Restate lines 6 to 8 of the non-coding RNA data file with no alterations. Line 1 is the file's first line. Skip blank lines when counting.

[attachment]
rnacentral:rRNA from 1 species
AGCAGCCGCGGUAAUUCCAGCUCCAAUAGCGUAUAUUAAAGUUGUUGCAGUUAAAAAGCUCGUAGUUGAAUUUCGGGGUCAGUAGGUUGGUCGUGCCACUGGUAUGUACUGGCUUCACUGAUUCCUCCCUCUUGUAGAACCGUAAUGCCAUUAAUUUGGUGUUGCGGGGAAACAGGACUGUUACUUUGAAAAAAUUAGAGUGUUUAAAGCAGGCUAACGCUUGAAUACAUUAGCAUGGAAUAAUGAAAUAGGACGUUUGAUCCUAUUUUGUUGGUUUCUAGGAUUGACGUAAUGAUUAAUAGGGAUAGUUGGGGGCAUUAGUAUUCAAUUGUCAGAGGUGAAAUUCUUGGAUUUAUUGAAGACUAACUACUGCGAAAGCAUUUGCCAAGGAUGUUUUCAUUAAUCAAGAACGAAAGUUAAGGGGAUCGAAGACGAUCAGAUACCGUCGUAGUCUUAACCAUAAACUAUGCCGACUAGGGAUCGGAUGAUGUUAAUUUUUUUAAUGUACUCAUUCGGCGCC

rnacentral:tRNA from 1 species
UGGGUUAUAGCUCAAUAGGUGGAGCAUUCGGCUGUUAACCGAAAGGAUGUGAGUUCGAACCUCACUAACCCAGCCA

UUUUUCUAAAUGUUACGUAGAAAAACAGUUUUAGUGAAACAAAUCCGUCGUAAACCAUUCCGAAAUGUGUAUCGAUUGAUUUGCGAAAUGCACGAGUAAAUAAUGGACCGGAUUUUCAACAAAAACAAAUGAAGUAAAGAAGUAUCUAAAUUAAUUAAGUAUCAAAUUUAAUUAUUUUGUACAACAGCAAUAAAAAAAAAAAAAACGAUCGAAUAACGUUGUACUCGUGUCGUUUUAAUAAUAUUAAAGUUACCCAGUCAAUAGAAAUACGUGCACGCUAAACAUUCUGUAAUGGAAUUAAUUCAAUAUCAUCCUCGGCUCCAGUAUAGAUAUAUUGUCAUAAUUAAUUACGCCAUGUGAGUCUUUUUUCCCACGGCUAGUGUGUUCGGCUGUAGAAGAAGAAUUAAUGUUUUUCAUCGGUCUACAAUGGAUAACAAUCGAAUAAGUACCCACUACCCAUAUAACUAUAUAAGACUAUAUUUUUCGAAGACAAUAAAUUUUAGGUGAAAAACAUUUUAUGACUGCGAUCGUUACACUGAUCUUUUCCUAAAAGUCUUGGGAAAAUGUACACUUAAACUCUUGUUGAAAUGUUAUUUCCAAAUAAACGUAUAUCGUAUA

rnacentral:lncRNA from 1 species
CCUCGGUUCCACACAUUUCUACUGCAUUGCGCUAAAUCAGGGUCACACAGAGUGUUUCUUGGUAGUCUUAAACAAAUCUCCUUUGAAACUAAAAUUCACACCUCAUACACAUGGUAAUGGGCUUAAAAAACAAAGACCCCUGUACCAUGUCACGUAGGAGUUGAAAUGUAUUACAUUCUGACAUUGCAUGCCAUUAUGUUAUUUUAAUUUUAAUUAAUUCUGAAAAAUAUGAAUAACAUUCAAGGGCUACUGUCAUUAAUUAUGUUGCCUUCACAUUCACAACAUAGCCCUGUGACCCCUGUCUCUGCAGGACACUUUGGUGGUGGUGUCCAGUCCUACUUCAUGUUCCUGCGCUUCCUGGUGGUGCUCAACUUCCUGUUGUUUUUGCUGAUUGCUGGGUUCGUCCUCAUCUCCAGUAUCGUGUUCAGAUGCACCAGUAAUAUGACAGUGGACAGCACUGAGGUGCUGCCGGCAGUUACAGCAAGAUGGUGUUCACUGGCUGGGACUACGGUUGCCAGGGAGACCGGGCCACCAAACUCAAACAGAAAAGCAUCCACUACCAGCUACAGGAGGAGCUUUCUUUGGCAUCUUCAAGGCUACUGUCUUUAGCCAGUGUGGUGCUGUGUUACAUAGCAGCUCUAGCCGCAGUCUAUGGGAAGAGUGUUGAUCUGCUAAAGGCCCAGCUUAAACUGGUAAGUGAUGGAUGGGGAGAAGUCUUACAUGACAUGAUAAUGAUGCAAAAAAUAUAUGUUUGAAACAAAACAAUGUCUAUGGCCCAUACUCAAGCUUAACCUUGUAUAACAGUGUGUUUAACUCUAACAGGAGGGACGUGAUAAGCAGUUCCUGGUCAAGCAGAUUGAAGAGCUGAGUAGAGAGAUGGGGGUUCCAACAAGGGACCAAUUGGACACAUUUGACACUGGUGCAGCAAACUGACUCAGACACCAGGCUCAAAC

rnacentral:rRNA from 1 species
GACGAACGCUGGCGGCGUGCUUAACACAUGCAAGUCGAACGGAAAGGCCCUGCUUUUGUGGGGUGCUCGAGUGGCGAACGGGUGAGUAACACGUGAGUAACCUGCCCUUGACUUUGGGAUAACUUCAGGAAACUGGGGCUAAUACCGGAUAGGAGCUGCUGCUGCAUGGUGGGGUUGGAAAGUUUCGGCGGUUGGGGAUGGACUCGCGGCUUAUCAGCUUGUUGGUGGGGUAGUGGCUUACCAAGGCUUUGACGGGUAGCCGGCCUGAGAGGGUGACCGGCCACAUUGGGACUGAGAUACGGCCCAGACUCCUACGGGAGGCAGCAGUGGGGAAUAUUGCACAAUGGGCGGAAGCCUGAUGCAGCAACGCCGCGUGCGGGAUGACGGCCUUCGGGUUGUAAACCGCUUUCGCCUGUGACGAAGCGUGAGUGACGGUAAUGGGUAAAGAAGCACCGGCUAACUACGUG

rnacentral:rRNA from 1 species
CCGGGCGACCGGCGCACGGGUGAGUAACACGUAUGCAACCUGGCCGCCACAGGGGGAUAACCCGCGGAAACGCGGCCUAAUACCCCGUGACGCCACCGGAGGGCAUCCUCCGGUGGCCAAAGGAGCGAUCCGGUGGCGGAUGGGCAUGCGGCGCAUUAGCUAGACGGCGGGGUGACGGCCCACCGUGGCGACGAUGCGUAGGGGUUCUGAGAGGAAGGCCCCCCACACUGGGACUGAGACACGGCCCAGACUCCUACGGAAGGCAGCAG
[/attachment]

rnacentral:lncRNA from 1 species
CCUCGGUUCCACACAUUUCUACUGCAUUGCGCUAAAUCAGGGUCACACAGAGUGUUUCUUGGUAGUCUUAAACAAAUCUCCUUUGAAACUAAAAUUCACACCUCAUACACAUGGUAAUGGGCUUAAAAAACAAAGACCCCUGUACCAUGUCACGUAGGAGUUGAAAUGUAUUACAUUCUGACAUUGCAUGCCAUUAUGUUAUUUUAAUUUUAAUUAAUUCUGAAAAAUAUGAAUAACAUUCAAGGGCUACUGUCAUUAAUUAUGUUGCCUUCACAUUCACAACAUAGCCCUGUGACCCCUGUCUCUGCAGGACACUUUGGUGGUGGUGUCCAGUCCUACUUCAUGUUCCUGCGCUUCCUGGUGGUGCUCAACUUCCUGUUGUUUUUGCUGAUUGCUGGGUUCGUCCUCAUCUCCAGUAUCGUGUUCAGAUGCACCAGUAAUAUGACAGUGGACAGCACUGAGGUGCUGCCGGCAGUUACAGCAAGAUGGUGUUCACUGGCUGGGACUACGGUUGCCAGGGAGACCGGGCCACCAAACUCAAACAGAAAAGCAUCCACUACCAGCUACAGGAGGAGCUUUCUUUGGCAUCUUCAAGGCUACUGUCUUUAGCCAGUGUGGUGCUGUGUUACAUAGCAGCUCUAGCCGCAGUCUAUGGGAAGAGUGUUGAUCUGCUAAAGGCCCAGCUUAAACUGGUAAGUGAUGGAUGGGGAGAAGUCUUACAUGACAUGAUAAUGAUGCAAAAAAUAUAUGUUUGAAACAAAACAAUGUCUAUGGCCCAUACUCAAGCUUAACCUUGUAUAACAGUGUGUUUAACUCUAACAGGAGGGACGUGAUAAGCAGUUCCUGGUCAAGCAGAUUGAAGAGCUGAGUAGAGAGAUGGGGGUUCCAACAAGGGACCAAUUGGACACAUUUGACACUGGUGCAGCAAACUGACUCAGACACCAGGCUCAAAC

rnacentral:rRNA from 1 species